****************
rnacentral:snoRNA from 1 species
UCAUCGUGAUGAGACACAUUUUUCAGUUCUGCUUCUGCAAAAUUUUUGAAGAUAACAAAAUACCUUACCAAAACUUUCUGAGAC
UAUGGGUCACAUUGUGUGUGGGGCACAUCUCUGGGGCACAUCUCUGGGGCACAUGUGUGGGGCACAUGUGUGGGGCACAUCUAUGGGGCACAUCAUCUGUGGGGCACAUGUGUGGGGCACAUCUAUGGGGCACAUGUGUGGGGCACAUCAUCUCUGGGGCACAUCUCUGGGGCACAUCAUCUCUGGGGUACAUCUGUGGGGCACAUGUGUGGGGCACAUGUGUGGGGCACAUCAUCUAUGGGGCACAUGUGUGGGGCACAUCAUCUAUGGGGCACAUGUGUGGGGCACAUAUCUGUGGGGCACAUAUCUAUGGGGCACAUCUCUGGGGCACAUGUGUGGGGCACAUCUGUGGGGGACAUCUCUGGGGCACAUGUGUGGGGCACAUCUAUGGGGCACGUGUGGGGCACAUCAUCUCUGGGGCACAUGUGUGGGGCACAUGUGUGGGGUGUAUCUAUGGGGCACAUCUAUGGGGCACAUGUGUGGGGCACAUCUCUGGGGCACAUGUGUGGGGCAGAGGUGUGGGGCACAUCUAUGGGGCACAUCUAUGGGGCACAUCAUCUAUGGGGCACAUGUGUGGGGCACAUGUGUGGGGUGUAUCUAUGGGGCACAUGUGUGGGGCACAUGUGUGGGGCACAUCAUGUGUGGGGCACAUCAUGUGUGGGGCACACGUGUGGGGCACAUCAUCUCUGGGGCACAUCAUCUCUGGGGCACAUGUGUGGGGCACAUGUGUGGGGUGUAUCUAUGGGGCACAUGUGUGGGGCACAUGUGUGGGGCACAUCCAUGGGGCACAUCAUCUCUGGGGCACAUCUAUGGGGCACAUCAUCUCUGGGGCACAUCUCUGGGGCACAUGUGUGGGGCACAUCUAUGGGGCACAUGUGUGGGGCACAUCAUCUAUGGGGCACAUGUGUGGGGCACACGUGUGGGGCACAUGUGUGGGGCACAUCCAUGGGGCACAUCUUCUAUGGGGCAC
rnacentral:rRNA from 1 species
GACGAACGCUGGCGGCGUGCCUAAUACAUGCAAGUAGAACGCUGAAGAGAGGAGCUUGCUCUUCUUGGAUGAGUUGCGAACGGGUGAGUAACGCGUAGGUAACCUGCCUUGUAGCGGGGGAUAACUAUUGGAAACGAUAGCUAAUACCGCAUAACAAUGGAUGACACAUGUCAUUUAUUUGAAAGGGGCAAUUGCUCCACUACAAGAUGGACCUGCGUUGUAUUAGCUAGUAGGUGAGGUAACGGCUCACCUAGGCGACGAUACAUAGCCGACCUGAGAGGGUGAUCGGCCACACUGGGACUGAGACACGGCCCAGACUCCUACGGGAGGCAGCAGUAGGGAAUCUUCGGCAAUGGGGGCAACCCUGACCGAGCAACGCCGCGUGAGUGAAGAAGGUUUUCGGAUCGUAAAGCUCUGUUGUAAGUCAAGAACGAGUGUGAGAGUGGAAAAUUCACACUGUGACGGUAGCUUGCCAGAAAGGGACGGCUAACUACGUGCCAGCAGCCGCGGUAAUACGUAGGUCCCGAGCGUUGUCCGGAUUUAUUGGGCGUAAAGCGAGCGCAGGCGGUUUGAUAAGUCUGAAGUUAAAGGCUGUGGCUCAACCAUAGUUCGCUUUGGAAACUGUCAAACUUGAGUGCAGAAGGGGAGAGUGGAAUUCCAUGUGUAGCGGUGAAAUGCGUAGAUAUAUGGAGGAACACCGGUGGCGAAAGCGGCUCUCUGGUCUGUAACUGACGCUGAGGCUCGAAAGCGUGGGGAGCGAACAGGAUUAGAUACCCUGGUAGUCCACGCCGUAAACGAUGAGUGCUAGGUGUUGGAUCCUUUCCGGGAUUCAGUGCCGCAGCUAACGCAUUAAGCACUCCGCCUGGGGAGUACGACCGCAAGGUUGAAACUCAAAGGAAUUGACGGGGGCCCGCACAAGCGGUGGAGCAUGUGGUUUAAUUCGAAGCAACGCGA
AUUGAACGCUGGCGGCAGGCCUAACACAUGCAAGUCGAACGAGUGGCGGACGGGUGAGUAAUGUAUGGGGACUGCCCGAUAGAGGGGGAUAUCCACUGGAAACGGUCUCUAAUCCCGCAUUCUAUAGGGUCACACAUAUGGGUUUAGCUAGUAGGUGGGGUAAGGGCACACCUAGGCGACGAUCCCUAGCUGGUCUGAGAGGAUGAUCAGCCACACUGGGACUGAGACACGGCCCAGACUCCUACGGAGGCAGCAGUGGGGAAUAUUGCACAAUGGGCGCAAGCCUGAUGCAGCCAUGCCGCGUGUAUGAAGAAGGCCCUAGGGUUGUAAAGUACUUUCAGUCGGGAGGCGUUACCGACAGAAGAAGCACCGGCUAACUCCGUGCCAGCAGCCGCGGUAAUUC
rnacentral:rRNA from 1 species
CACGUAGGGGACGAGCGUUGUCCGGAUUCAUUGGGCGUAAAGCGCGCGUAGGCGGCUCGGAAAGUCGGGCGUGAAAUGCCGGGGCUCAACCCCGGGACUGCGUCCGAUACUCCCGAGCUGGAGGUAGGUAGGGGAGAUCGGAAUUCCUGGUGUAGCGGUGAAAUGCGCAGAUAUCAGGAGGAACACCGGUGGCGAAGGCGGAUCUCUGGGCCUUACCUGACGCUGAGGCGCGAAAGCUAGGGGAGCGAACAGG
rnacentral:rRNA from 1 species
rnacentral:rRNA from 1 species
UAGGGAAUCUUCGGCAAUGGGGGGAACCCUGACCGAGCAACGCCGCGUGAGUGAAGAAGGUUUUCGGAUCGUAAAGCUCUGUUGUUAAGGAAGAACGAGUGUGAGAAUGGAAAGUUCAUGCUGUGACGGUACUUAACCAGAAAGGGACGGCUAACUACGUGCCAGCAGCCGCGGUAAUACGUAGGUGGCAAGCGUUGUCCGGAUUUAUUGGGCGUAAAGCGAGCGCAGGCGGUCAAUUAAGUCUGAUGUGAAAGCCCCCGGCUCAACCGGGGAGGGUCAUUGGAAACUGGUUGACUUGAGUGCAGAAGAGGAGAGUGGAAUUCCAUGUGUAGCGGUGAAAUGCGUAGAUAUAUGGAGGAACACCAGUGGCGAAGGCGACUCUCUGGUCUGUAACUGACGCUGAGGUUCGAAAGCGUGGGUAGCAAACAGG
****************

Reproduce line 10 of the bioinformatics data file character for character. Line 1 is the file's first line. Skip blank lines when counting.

rnacentral:rRNA from 1 species